Not that he didn’t know what lay underneath. Their costumer had described, at length, her accommodation for Olivia’s refusal to wear confining stays on an active mission. The bodice mimicked a corset’s support without making it impossible to draw a full breath. It looked perfect from an eighteenth-century perspective; George had private thoughts on the faults of a silhouette that neglected the underside of the breast, but he wasn’t about to speak them aloud. Nor was he going to think about the one time he had seen the underside of Olivia’s breasts, and much more, and had been completely unable to do anything about it. For the time being, peeking would have to be enough.
Dammit. It wasn’t enough. He hadn’t had sex in far too long—seven months and twenty-eight days, not that he was counting (and that was just the twenty-second-century time, not including the six weeks their Bourne Heath jump had swallowed or the penetrations of the past they’d undertaken since then)—and it wasn’t only his frustrated body that was suffering from the record-breaking abstinence.
“Get on with it,” he said, in a brusquer tone than he’d intended. She drew the ends of the long bandage around his waist and tied them—exquisite brushes of her fingers—and then adjusted his clothing.
“Shall I help you up?” she said.
“No,” he said, and rose to his feet. Stiffly. “We need to head south.” It was only a few miles, as the seagull flew, from Parker Head to Hunnewell Point, where the blockhouse fort guarded the mouth of the Kennebec: one of those strategic spots that always seemed to need protection. Fort Popham was the name he knew, from the underwater archaeological excavations of the Civil War defenses; nearby, the original seventeenth-century colonists had built Fort St. George. Ha.
“It’s a little far to walk,” he went on. “So how about we steal a boat?”
“Couldn’t we go on horseback?”
He laughed. “I’ve been a dreadful influence on you, if you’re objecting to the mode of transportation rather than the theft. People here get around in boats for a reason: it’s easier and more direct. We might find a road or a trail, but probably not going the right way. And a boat’ll be a lot quicker to acquire than a horse.” She still looked dubious. “It’s a tidal river, not open sea. You won’t get sick.”
“I wasn’t thinking that. You row faster than I do, but not with your back cut open.”
“Maybe we’ll find a canoe. In any case, the tide’s going out, so it’ll be down-current. As long as we hurry. Come on.”
* * * * *
Hours later the dispirited pair abandoned their guerrilla lurking around the fort and made their way inland, turning toward the setting sun. At least the fog had finally lifted. The chance of finding their quarry was now considerably diminished; if he didn’t want to be found the chances were nil. It was still worth being here, George thought as they took a slanting path between the shore and a meadow of high grass and autumn wildflowers, if only for the benefits of…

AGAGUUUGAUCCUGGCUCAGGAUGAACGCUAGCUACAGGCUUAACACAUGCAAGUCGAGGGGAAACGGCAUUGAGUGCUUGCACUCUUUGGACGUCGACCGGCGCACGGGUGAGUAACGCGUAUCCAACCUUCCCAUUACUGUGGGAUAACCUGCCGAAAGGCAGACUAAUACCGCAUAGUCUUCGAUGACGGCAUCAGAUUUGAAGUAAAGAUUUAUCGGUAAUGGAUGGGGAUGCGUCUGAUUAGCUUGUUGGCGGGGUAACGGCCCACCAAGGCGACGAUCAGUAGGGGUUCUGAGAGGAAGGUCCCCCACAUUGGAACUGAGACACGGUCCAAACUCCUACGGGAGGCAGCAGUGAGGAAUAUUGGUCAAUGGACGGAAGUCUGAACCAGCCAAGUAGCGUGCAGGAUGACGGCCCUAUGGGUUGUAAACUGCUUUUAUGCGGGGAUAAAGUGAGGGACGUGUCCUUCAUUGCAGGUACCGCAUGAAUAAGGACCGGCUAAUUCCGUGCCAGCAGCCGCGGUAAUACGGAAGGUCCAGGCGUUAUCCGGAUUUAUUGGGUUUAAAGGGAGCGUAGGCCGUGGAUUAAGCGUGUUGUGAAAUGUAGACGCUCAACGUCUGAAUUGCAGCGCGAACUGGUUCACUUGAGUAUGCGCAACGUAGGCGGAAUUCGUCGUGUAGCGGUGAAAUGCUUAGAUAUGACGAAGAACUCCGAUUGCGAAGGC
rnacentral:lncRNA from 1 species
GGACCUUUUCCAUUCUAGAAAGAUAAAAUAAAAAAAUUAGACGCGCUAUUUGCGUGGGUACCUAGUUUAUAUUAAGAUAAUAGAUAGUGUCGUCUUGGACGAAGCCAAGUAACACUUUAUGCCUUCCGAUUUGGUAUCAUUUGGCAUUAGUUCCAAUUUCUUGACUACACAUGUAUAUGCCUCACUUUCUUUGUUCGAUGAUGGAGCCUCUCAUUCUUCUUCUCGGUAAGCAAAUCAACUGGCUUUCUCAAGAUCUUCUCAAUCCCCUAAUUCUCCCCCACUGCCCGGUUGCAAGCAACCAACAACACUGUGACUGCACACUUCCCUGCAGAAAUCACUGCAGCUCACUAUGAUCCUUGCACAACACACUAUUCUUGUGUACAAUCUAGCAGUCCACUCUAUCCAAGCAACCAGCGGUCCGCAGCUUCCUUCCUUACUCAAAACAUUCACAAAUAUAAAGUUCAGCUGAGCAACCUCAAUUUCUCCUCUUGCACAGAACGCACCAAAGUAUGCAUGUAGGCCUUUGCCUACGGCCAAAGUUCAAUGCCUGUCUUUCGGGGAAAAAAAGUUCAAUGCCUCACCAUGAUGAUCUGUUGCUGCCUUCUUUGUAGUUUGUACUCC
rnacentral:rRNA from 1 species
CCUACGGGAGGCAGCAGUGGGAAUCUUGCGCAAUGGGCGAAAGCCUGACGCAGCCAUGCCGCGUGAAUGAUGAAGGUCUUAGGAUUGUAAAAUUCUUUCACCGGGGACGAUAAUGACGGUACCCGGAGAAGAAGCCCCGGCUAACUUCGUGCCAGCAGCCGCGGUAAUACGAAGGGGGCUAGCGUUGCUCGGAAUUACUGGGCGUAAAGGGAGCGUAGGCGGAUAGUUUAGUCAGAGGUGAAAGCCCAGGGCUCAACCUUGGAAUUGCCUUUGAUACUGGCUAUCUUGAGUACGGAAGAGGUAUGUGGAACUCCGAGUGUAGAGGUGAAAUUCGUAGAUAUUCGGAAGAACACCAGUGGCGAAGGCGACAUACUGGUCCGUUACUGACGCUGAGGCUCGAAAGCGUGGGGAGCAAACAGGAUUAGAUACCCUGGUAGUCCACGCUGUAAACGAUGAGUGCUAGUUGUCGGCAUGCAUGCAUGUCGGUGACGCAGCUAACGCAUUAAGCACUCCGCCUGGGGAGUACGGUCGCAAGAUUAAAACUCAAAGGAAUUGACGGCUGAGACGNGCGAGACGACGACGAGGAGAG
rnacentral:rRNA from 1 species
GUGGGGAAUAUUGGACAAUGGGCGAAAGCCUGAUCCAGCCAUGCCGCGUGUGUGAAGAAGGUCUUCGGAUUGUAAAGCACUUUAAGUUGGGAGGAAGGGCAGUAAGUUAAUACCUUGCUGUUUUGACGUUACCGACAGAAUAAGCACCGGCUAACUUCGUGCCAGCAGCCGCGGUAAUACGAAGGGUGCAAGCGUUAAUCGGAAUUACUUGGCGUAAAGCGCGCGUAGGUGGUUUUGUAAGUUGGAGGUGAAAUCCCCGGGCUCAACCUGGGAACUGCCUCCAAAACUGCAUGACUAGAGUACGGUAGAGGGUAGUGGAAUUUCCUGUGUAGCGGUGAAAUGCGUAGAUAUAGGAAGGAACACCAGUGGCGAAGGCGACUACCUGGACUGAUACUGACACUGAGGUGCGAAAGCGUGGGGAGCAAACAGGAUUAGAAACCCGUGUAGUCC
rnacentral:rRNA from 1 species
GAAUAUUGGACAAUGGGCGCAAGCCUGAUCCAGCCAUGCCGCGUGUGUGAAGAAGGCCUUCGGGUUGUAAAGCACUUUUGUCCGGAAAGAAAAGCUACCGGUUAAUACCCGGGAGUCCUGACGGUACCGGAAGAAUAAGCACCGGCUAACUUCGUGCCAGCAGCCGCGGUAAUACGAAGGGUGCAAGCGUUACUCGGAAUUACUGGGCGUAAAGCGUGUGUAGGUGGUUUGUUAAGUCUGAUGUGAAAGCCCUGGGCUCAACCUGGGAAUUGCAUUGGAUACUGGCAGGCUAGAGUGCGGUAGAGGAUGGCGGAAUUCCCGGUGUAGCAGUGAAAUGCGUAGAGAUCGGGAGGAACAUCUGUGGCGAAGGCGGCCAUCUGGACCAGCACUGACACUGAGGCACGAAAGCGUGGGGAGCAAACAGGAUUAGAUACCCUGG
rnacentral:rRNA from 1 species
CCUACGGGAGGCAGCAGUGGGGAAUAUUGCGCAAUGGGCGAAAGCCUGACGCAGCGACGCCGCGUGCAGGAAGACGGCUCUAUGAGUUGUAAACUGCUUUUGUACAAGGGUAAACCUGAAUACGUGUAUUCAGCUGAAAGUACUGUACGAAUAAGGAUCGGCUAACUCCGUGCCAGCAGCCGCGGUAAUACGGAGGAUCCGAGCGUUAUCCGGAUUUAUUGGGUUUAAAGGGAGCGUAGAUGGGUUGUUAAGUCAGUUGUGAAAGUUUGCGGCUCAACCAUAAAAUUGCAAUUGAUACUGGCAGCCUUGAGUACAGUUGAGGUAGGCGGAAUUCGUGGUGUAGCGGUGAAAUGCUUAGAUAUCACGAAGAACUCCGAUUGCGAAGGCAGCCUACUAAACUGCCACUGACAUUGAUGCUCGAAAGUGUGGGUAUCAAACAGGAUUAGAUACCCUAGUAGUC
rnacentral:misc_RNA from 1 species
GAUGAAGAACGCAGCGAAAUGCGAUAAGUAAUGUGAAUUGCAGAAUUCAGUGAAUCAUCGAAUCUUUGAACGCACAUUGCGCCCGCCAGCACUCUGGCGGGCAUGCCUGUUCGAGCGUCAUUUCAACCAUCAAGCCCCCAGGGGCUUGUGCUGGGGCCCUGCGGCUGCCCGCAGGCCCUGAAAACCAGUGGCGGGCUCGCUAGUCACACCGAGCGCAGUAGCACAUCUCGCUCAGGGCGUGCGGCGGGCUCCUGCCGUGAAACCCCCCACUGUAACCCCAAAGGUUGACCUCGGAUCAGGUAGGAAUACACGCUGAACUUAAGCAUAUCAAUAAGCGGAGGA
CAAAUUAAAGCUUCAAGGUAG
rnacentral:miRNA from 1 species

“What do you call it,” he said, interrupting his own thoughts by vocalizing them, “when you’re nostalgic for something that’s hundreds of years in the future, but in your own past if you were where you’re supposed to be?”
She threw him an exasperated look. “Words, words, words.”
“’They that dally nicely with words may quickly make them wanton.’ I thought they were your business?”
“Not any more. Can’t you forget Twelfth Night?”
“No, actually. You know how that works.”
“Using Anamnex for nonprofessional purposes is completely against the rules.”
He grinned at her. “Still I keep on the windy side of the law.”
“Oh… stop it.” But she was smiling, and he knew he had pleased her. “What are you feeling nostalgic about?”
“This.” He swept an arm to take in the rocky point and the wooded hill. “We used to come here when I was a kid. This path is a big road in the twenty-second century, with throngs of picnickers. My father hates crowds, so he always insisted on coming early. Usually about six a.m. I’m surprised I can remember, since I was generally asleep on my feet. We’d bring breakfast and eat it up by the ruins of Fort Baldwin.”
“Twentieth century. Up on the hill in a clearing with a nice view. Almost private, at six in the morning.” The paraphrase The fort’s a fine and private place flitted through his mind—he had not entirely abandoned unauthorized usage of memory drugs—but he restrained himself from blurting it out. “I wouldn’t mind looking the spot over, actually. Hungry for supper?”
“Starving. How long does it take to get up there?”
“Oh, not long. I don’t think.”
Olivia gave him a sidelong look. “All right,” she said. “As long as we can eat soon. What do we have in the pack?”
“Something unrestrainedly eighteenth-century, no doubt. Not vegetable protein. Huzzah for authenticity.”